One of the keys for any bank to keep and attract talent is to analyze compensation packages with competitors. This does not mean the best thing to do is pay more than the competitors, but to make sure that your bank is at least comparable, and then build a more appealing overall environment. Here are tow tips on how to do this:
Consider Tracking Two Separate Peer Groups
The company Kellogg tracks their competitors’ but with two peer groups, one for performance and one for compensation. The people that the bank may want to attract may go beyond the direct competitors due to the overall job market, especially when it comes to technology hires. For instance, there was atime in which General Motors went from being one of the more sought after companies to work for, to competing with Silicon Valley companies for the best engineer graduates. If the company wanted to stay competitive with compensation, the peer group in that case for compensation would have to be measured by the types of companies they were competing with for the employees they would wish to hire. However, once the employees came to General Motors, the type of companies they compete with on company performance would be very different. It would not make sense to benchmark their performance against Silicon Valley.
Attracting talent by compensation can be different than measuring performance. The bank may want to attract the type of employee that might be looking into other industries beyond their specific sector. Additionally, CEO’s and other top executives such as Chief Financial Officers are often recruited from outside a specific sector. In the case of CFO’s, the job may not be as specific to the banking industry but may be more focused on the function that could be similar to many publicly traded companies. As a human resource head, you would want two separate sets of peers because you would want to stay competitive at the executive level beyond the banking industry, and to also recruit some of the best people across the board. Company size within the bank’s region might make as much as sense as the banks in the area depending on the position.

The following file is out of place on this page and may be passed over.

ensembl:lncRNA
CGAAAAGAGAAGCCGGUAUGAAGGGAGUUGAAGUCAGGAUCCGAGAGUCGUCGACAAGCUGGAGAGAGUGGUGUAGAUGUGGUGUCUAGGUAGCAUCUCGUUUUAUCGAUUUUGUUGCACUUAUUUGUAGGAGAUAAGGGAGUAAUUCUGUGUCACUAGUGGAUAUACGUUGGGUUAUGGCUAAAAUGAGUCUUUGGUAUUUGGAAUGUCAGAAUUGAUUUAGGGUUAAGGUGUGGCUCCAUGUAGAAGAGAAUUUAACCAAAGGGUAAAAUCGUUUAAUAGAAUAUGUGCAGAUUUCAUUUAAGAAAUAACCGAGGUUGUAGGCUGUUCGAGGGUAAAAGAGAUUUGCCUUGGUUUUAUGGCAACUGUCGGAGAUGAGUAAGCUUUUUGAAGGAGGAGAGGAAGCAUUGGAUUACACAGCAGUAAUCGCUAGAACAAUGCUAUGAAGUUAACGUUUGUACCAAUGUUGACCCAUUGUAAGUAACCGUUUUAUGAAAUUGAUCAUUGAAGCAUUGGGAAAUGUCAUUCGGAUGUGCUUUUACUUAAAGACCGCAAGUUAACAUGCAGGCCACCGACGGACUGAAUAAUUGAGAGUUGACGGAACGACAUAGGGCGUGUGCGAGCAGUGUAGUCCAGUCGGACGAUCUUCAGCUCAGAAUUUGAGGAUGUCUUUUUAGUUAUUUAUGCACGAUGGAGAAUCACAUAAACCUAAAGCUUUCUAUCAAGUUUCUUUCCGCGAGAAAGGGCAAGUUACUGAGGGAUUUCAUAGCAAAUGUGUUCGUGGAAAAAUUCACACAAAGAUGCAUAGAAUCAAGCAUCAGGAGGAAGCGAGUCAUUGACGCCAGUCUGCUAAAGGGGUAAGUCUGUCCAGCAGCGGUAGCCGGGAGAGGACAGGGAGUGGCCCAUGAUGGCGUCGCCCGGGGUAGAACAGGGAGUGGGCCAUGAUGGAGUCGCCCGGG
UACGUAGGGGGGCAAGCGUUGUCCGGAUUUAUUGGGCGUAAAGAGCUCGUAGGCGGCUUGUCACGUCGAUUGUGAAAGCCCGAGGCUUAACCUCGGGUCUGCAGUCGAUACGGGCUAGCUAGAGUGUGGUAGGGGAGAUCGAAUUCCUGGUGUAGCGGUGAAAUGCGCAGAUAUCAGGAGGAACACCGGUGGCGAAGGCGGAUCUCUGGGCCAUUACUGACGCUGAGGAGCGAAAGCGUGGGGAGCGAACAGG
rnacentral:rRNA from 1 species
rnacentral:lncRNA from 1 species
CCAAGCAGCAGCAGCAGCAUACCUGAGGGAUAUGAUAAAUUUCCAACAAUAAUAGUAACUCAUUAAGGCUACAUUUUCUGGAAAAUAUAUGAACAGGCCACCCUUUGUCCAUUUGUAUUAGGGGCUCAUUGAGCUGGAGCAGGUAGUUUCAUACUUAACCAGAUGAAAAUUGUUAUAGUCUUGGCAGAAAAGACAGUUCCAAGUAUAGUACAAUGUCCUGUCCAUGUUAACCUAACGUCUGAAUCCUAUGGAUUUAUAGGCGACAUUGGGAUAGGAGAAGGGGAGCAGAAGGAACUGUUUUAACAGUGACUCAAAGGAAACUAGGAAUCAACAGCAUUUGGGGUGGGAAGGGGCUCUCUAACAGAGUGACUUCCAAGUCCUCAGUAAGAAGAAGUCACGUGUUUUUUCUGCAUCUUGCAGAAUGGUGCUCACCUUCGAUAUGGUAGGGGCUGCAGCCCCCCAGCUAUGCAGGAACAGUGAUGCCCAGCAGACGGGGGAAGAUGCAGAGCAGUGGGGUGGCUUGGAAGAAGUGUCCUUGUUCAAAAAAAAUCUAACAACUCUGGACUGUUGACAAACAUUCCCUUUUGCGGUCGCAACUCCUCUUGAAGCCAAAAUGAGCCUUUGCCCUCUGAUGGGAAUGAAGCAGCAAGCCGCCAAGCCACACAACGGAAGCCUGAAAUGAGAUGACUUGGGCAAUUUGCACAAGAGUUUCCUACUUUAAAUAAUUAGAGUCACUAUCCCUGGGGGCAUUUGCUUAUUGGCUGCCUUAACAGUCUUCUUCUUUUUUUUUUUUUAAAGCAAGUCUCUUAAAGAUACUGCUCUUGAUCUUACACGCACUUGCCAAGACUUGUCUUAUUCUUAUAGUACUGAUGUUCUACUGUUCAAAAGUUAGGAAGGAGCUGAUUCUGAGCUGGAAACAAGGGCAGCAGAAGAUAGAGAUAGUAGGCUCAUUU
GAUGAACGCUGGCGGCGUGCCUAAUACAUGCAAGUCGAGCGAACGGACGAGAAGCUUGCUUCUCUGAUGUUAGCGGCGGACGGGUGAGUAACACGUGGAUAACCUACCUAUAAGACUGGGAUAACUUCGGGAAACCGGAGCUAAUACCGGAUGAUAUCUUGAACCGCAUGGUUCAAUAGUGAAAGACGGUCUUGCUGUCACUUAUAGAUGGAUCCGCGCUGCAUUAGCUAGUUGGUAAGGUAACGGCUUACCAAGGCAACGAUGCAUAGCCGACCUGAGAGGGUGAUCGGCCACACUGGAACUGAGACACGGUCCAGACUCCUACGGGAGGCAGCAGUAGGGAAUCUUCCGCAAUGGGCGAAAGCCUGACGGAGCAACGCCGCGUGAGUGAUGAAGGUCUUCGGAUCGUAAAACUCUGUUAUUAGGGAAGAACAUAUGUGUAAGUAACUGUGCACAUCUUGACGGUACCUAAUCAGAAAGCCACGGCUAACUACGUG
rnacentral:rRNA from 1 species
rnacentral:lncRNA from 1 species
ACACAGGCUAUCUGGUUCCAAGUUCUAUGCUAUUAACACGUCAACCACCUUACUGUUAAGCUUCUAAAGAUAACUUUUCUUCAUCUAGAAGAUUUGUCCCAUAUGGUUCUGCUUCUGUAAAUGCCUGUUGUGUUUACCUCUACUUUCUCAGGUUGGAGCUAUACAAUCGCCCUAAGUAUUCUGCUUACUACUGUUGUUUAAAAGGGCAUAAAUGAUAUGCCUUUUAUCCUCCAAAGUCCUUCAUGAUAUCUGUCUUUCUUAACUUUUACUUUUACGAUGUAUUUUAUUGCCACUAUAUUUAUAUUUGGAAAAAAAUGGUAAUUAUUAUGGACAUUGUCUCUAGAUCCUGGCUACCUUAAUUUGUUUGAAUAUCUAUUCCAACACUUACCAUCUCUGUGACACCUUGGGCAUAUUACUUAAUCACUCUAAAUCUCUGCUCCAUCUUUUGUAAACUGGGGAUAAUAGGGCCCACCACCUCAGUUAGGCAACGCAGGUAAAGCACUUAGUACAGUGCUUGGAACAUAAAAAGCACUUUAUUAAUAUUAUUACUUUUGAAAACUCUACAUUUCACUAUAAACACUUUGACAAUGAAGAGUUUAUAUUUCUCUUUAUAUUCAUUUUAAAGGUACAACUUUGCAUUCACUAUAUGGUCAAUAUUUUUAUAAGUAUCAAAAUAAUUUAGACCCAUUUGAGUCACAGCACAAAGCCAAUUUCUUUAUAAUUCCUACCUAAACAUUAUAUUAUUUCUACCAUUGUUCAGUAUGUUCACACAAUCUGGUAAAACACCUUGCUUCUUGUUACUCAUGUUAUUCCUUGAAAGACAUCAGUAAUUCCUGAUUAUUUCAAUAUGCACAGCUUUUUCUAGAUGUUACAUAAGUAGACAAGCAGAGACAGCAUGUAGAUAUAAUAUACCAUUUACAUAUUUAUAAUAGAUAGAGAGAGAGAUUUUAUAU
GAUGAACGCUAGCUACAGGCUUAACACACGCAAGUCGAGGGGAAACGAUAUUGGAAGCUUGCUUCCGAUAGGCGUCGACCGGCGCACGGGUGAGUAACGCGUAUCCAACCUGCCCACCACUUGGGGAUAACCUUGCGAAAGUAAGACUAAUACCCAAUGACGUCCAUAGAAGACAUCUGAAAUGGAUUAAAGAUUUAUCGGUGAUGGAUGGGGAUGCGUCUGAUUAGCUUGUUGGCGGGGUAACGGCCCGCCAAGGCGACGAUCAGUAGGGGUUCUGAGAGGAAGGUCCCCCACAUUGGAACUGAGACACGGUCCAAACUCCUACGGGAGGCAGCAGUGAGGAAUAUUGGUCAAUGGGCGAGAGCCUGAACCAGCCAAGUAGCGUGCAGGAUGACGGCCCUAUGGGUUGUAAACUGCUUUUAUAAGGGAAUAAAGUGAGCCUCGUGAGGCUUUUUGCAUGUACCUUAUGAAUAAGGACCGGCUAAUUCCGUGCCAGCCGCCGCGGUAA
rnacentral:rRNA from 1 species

Consider Both External Equity and Internal Equity
In the case of Kellogg, it would seem that the company is more interested in external equity, and perhaps rightfully so. When focusing on compensation, Kellogg targets the 50thpercentile externally on compensation such as base pay. They simply set up the the company up to be equal with other similar companies. The company also benchmarks their compensation for performance against similar companies so that the overall compensation structure is congruent with industry trends. However, this also allows for more flexibility to reward top performers internally. Without increasing the average cost per employee to the 75thpercentile, it allows the company to reward the employees that really stand out by keeping costs reasonable.
Think Through the Bank’s Executive Compensation Strategy
It seems self evident to make they make sure the top executives’ compensation reflects long term interest in the company’s performance between stock options, and requirements for holding a large percentage of the executives’ net worth in company stock. Banks have some real potential liability issues and thus it is important to emphasize corporate responsibility even in compensation programs. In benchmarking compensation, it is also important to include some of the more appealing industries in the mix in order to benchmark the 50th percentile for executives. If a specific industry is not necessarily getting the best talent due to the changes in the economy, for instance, it would be worth using a broader analysis of what is happening more generally in the business climate. If an industry is underperforming, peer benchmarking by market sector may negatively impact the quality of talent that is attracted.
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